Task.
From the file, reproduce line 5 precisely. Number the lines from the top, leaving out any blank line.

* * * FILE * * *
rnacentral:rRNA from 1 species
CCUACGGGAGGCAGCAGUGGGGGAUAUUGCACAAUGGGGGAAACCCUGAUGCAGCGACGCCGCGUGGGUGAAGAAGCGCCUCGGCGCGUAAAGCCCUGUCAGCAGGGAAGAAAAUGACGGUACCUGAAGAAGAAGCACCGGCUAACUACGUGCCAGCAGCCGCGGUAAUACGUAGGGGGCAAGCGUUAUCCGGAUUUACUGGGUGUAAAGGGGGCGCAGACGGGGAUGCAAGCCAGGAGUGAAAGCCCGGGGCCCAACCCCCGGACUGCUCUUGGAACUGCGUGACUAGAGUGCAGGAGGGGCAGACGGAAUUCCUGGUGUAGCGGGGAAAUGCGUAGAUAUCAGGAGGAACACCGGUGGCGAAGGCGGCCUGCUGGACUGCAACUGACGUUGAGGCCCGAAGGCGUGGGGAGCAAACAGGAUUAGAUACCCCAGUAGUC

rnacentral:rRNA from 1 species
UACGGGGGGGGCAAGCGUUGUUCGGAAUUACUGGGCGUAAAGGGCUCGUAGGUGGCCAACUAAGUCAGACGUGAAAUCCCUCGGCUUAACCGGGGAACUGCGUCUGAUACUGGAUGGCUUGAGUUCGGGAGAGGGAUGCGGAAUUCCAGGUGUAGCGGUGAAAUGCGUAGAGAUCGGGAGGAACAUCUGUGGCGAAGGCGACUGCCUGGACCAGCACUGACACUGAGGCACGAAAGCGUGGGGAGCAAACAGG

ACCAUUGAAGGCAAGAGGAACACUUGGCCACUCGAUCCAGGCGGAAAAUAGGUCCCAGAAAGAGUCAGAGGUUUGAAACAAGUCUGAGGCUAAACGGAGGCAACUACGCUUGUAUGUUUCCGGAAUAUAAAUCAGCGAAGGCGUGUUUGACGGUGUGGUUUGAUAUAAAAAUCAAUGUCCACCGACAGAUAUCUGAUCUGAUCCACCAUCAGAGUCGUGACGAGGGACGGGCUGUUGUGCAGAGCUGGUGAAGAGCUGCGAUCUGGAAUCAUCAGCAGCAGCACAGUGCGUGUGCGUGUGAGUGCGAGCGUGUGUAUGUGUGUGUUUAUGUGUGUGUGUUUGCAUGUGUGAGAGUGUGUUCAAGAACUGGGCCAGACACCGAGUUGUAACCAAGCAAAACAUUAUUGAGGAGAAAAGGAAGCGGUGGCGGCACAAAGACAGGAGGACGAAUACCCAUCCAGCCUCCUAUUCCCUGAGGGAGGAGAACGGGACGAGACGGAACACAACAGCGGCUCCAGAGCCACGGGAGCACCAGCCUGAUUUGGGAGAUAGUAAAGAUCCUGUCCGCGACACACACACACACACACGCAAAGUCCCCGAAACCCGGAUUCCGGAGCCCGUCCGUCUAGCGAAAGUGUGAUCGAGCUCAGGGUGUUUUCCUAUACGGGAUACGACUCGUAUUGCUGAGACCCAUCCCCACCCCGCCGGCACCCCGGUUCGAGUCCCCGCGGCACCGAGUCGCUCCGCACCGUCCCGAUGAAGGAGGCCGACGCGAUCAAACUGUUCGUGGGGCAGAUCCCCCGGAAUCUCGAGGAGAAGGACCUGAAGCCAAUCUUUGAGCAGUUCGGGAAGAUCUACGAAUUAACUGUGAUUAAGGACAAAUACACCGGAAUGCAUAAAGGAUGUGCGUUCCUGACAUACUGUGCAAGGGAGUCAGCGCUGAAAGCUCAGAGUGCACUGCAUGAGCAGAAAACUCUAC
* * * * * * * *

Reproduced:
ACCAUUGAAGGCAAGAGGAACACUUGGCCACUCGAUCCAGGCGGAAAAUAGGUCCCAGAAAGAGUCAGAGGUUUGAAACAAGUCUGAGGCUAAACGGAGGCAACUACGCUUGUAUGUUUCCGGAAUAUAAAUCAGCGAAGGCGUGUUUGACGGUGUGGUUUGAUAUAAAAAUCAAUGUCCACCGACAGAUAUCUGAUCUGAUCCACCAUCAGAGUCGUGACGAGGGACGGGCUGUUGUGCAGAGCUGGUGAAGAGCUGCGAUCUGGAAUCAUCAGCAGCAGCACAGUGCGUGUGCGUGUGAGUGCGAGCGUGUGUAUGUGUGUGUUUAUGUGUGUGUGUUUGCAUGUGUGAGAGUGUGUUCAAGAACUGGGCCAGACACCGAGUUGUAACCAAGCAAAACAUUAUUGAGGAGAAAAGGAAGCGGUGGCGGCACAAAGACAGGAGGACGAAUACCCAUCCAGCCUCCUAUUCCCUGAGGGAGGAGAACGGGACGAGACGGAACACAACAGCGGCUCCAGAGCCACGGGAGCACCAGCCUGAUUUGGGAGAUAGUAAAGAUCCUGUCCGCGACACACACACACACACACGCAAAGUCCCCGAAACCCGGAUUCCGGAGCCCGUCCGUCUAGCGAAAGUGUGAUCGAGCUCAGGGUGUUUUCCUAUACGGGAUACGACUCGUAUUGCUGAGACCCAUCCCCACCCCGCCGGCACCCCGGUUCGAGUCCCCGCGGCACCGAGUCGCUCCGCACCGUCCCGAUGAAGGAGGCCGACGCGAUCAAACUGUUCGUGGGGCAGAUCCCCCGGAAUCUCGAGGAGAAGGACCUGAAGCCAAUCUUUGAGCAGUUCGGGAAGAUCUACGAAUUAACUGUGAUUAAGGACAAAUACACCGGAAUGCAUAAAGGAUGUGCGUUCCUGACAUACUGUGCAAGGGAGUCAGCGCUGAAAGCUCAGAGUGCACUGCAUGAGCAGAAAACUCUAC